Tom & Jerrys: a traditional cocktail makes a comeback


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Mixologist Chris Hannah tops off a Tom and Jerry at Arnaud's French - 75 bar. - PHOTO BY CHERYL GERBER

At Christmas, it was our family's tradition to gather for Tom and Jerrys, a delicious warm holiday drink we prepared in a punch bowl and ladled into individual cups. My grandmother, normally a teetotaler, even had a Tom and Jerry set just for the occasion — a ceramic bowl with matching mugs — which was brought down from the highest shelf in the kitchen for one night a year. As a kid, I loved the smell of the hot spices and the ritual, but my one taste put me off whiskey for years. (That changed, thank goodness.)

  Chris Hannah, mixologist extraordinaire at Arnaud's French 75 bar, has his own ritual involving this unfortunately forgotten drink. At Christmas, he hosts a tree-trimming party at his Uptown home with several reveillon-style drinks for his guests, including his version of the classic Tom and Jerry.

  The origin of the name "Tom and Jerry" is uncertain (though it clearly predates the cartoon cat and mouse duo). Hannah has cocktail recipe books from the 1920s with Tom and Jerry recipes. Other sources indicate the drink was invented in the 19th century.

  What makes Hannah's (and my grandmother's) Tom and Jerry so good is a "batter" topping ladled over the hot liquid in each mug, which provides an eggy, creamy counterpoint while not diluting or interfering with the pure taste of the whiskey; even a single-malt Scotch drinker likely won't find this too sweet or cloying. The base of the drink is boiling water, but Hannah makes a variant he calls the "Creole Tom and Jerry," which uses cafe au lait in place of the hot water. Either version can be dressed up with cocoa powder to make a chocolatey version perfect for an after-dinner drink. (In all cases, raw egg is involved; if that makes you squeamish, don't try to work around it, but go with a different cocktail instead.)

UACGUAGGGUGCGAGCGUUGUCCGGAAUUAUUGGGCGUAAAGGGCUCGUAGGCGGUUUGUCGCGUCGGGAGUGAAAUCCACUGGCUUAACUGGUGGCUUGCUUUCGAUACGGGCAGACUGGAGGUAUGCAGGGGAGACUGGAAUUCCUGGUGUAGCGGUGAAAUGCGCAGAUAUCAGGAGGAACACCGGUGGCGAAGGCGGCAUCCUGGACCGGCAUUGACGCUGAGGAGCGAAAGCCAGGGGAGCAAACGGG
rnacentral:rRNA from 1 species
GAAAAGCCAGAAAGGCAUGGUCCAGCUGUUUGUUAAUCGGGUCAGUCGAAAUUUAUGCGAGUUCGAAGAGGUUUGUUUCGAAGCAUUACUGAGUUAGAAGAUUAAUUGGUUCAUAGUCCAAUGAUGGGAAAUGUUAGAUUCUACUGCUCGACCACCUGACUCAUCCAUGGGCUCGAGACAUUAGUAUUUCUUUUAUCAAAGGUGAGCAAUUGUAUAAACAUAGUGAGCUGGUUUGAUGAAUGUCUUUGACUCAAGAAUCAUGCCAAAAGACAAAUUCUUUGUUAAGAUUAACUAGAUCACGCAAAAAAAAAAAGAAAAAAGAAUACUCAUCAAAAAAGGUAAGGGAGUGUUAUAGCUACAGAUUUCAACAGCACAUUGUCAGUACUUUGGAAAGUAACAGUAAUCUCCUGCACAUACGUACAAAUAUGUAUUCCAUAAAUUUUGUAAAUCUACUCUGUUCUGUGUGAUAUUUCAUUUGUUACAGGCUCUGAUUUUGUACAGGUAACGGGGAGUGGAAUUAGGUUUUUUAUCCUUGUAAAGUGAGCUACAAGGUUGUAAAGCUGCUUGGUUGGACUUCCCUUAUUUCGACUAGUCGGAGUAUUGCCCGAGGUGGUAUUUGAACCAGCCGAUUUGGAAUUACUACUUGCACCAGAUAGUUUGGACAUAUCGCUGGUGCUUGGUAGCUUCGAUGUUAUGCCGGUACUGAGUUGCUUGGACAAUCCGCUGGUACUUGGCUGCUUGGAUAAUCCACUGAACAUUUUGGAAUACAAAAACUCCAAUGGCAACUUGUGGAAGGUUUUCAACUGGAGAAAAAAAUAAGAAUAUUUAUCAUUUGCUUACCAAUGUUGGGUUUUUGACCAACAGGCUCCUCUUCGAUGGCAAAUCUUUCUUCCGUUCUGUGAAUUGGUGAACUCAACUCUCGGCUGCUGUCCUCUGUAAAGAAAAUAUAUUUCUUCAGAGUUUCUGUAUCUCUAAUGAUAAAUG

Here's Hannah's recipe, which is easy to make at home for family or a party — or you could just go down to the French 75 and have him do the work. But caveat drinker: The Tom and Jerry is as potent as it is potable.



Recipe by Chris Hannah, Arnaud's French 75 bar


6 eggs, separated

2 1/4 cups sugar

1/2 cup half and half

1 teaspoon vanilla extract


- Separate the eggs; set aside yolks.

- In a mixing bowl, beat the egg whites until peaks begin to form, then add 1/2 cup sugar and beat until peaks form again.

- Add yolks and beat them in.

- Add remaining sugar and vanilla, continuing to beat just until combined.

- Stir in half and half.

- Store in a container with a lid and refrigerate.


In a coffee mug, pour 1 1/2 ounces whiskey or cognac.

Add 3 ounces very hot water.

Ladle 2 ounces of batter on top.

Grate nutmeg or sprinkle grated nutmeg on top and serve immediately.


- For a "Creole Tom and Jerry," use cafe au lait in place of the hot water.

- For a sweeter drink, stir in 3 tablespoons cocoa powder to the batter with the half and half.


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